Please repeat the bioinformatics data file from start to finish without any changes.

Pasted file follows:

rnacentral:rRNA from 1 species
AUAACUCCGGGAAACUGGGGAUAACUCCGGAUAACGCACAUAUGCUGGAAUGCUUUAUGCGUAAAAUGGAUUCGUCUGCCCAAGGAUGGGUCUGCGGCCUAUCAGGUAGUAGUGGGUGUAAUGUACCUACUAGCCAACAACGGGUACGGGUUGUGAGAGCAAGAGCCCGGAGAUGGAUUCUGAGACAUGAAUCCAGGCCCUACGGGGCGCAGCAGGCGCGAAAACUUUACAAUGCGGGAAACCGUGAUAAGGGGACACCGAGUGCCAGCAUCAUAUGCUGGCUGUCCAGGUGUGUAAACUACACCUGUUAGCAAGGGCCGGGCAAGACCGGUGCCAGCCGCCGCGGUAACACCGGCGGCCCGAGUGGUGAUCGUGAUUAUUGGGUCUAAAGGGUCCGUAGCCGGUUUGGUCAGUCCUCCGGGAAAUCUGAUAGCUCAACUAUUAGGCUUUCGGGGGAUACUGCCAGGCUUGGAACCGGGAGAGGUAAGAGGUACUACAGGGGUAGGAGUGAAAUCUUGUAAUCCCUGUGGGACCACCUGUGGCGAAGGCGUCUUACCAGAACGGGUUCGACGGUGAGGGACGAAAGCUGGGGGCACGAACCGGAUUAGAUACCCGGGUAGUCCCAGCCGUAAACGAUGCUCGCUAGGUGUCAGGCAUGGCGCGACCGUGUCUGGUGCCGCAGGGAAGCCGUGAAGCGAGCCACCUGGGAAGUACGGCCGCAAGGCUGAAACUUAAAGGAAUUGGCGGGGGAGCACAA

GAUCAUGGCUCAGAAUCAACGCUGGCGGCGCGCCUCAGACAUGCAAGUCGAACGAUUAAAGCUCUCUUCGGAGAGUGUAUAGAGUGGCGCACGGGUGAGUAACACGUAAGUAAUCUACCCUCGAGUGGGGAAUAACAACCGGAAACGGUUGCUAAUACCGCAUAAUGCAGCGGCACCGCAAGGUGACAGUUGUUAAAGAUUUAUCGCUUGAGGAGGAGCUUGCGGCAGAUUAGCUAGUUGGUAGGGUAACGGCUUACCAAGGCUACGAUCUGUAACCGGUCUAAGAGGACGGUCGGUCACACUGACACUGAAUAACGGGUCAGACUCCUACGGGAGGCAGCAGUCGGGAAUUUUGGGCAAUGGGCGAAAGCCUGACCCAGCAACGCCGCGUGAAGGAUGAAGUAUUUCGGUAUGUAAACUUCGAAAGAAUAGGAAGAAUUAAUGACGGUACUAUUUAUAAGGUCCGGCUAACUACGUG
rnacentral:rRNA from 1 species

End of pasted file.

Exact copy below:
rnacentral:rRNA from 1 species
AUAACUCCGGGAAACUGGGGAUAACUCCGGAUAACGCACAUAUGCUGGAAUGCUUUAUGCGUAAAAUGGAUUCGUCUGCCCAAGGAUGGGUCUGCGGCCUAUCAGGUAGUAGUGGGUGUAAUGUACCUACUAGCCAACAACGGGUACGGGUUGUGAGAGCAAGAGCCCGGAGAUGGAUUCUGAGACAUGAAUCCAGGCCCUACGGGGCGCAGCAGGCGCGAAAACUUUACAAUGCGGGAAACCGUGAUAAGGGGACACCGAGUGCCAGCAUCAUAUGCUGGCUGUCCAGGUGUGUAAACUACACCUGUUAGCAAGGGCCGGGCAAGACCGGUGCCAGCCGCCGCGGUAACACCGGCGGCCCGAGUGGUGAUCGUGAUUAUUGGGUCUAAAGGGUCCGUAGCCGGUUUGGUCAGUCCUCCGGGAAAUCUGAUAGCUCAACUAUUAGGCUUUCGGGGGAUACUGCCAGGCUUGGAACCGGGAGAGGUAAGAGGUACUACAGGGGUAGGAGUGAAAUCUUGUAAUCCCUGUGGGACCACCUGUGGCGAAGGCGUCUUACCAGAACGGGUUCGACGGUGAGGGACGAAAGCUGGGGGCACGAACCGGAUUAGAUACCCGGGUAGUCCCAGCCGUAAACGAUGCUCGCUAGGUGUCAGGCAUGGCGCGACCGUGUCUGGUGCCGCAGGGAAGCCGUGAAGCGAGCCACCUGGGAAGUACGGCCGCAAGGCUGAAACUUAAAGGAAUUGGCGGGGGAGCACAA

GAUCAUGGCUCAGAAUCAACGCUGGCGGCGCGCCUCAGACAUGCAAGUCGAACGAUUAAAGCUCUCUUCGGAGAGUGUAUAGAGUGGCGCACGGGUGAGUAACACGUAAGUAAUCUACCCUCGAGUGGGGAAUAACAACCGGAAACGGUUGCUAAUACCGCAUAAUGCAGCGGCACCGCAAGGUGACAGUUGUUAAAGAUUUAUCGCUUGAGGAGGAGCUUGCGGCAGAUUAGCUAGUUGGUAGGGUAACGGCUUACCAAGGCUACGAUCUGUAACCGGUCUAAGAGGACGGUCGGUCACACUGACACUGAAUAACGGGUCAGACUCCUACGGGAGGCAGCAGUCGGGAAUUUUGGGCAAUGGGCGAAAGCCUGACCCAGCAACGCCGCGUGAAGGAUGAAGUAUUUCGGUAUGUAAACUUCGAAAGAAUAGGAAGAAUUAAUGACGGUACUAUUUAUAAGGUCCGGCUAACUACGUG
rnacentral:rRNA from 1 species